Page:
Two penalties for Max Verstappen, none for Lewis Hamilton, but are Red Bull right to feel aggrieved after the Saudi Arabian Grand Prix?
PlanetF1 delivers its verdict…
Max Verstappen was in the wrong at the Saudi Arabian Grand Prix. I’m not disputing that. But was Hamilton without blame?
Verstappen and Hamilton raced at the Jeddah circuit like it was the last race of the championship, and the winner would take all. It was combative, combustible, chaotic.
The first big one between the two was on lap 37 when, slipstreaming Verstappen into Turn 1 and using DRS, Hamilton had the better pace. He tried around the outside, both drivers off the track with Verstappen holding onto the lead and gaining metres.
Told to give the position to Hamilton or risk a penalty, Verstappen slowed so Hamilton could pass him but instead the Briton also slowed. Verstappen then braked, said to be a 2.4G stop and, second big incident, Hamilton hit the back of him.
Verstappen was given a five-second penalty for the first moment, and later a 10-second for the latter, deemed to have been driving erratically. Fair play to the first, the second though I don’t agree.
Verstappen left Hamilton space on the inside to pass him as he had been told to do. Hamilton didn’t come through, instead also slowing, so Verstappen slowed even further, and then Hamilton hit him.
Mercedes argued they hadn’t had time to give Hamilton the message that Verstappen was giving him the position, but later in the press conference the reigning World Champion said “it became apparent he was trying to let me past…but before the DRS zone.
“So then it would have meant he would just DRS back past me coming through the last corner, followed me and then DRS-ed me into turn one. So that was the tactic.”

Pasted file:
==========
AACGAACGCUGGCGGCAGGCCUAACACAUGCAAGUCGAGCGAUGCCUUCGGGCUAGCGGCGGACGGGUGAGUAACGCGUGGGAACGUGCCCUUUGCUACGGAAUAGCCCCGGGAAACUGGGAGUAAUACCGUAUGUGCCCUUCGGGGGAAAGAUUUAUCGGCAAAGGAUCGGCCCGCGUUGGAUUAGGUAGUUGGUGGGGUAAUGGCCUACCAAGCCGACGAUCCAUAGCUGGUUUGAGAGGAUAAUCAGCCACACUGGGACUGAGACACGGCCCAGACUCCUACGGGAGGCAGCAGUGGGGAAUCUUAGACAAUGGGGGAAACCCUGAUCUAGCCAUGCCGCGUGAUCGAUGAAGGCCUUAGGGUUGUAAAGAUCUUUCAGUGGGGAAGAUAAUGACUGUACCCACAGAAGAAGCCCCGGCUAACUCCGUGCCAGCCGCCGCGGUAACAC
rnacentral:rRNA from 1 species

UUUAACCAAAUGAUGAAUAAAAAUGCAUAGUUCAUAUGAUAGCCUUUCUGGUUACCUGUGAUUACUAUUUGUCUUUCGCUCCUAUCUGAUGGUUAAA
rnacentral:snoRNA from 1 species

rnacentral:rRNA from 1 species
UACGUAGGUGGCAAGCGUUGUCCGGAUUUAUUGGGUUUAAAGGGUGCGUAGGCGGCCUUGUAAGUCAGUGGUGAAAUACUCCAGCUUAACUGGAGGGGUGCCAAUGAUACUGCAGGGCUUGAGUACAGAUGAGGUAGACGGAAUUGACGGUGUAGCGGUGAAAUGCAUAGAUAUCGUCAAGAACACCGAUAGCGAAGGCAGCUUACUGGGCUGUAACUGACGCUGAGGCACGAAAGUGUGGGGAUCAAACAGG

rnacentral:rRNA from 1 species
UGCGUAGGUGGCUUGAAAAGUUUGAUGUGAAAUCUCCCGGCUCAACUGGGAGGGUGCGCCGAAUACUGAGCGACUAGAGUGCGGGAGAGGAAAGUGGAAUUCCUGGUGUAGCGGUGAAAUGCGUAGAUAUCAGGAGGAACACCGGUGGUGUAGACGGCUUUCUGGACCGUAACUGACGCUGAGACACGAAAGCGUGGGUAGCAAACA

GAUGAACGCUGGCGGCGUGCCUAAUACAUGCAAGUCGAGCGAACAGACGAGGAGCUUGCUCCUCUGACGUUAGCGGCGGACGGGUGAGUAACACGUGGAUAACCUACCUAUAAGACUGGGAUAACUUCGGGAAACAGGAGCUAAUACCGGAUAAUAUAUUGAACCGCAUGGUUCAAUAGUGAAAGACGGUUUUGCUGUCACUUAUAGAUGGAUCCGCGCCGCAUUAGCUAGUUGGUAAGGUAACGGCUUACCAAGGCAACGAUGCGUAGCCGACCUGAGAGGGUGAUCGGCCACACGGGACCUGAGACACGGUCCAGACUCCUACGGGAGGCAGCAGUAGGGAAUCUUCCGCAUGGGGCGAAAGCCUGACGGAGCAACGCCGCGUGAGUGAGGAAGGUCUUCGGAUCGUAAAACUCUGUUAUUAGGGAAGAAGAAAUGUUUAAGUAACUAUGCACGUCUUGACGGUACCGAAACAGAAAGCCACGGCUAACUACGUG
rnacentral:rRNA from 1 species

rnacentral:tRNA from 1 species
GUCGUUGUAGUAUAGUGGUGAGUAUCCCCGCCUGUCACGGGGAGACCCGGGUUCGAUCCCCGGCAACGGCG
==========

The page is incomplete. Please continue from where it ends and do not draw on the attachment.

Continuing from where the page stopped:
The two had their third and last moment on lap 43 when Verstappen tried to pass Hamilton around the outside, and the Briton forced him off the track. FIA race director Michael Masi said that was “borderline black-and-white warning flag” with Red Bull of course feeling aggrieved that no penalty came from that. Seems a bit unfair in light of Verstappen’s earlier penalty.
With one race to go, winner takes all in Abu Dhabi, think the one thing every Red Bull and Mercedes fan can agree on is that the gloves are well and truly off.
Could Lap 37 in Jeddah be one of the defining moments of the season? 🤯#SaudiArabianGP 🇸🇦 #F1 pic.twitter.com/vfrLzUVJW9
— Formula 1 (@F1) December 5, 2021
Are Red Bull entitled to feel aggrieved? No, I don’t think they are. This appeared to be a case of you reap what you sow.
It’s inescapable that Lewis Hamilton was faster than Max Verstappen in Saudi Arabia, as he had also been at the two previous races. And equally clear that Verstappen, as at Interlagos, would do everything to try and keep the Mercedes behind him.
Those strongarm tactics resulted in the Dutchman being penalised for three separate incidents, all of which were of his own making. It simply comes down to Verstappen’s MO – do what is necessary in the moment and deal with the consequences later.
The only way Red Bull could reasonably feel aggrieved would be if Verstappen’s race had been severely compromised when Hamilton ran into the back of him when offered the lead to avoid a penalty, but Max was not exactly blameless there – as the stewards ruled afterwards .
Ultimately, the most important thing was that the right race result played out in Jeddah, Hamilton finishing first and Verstappen second for the third consecutive race, setting up exactly the climax to the season all neutrals would have wanted.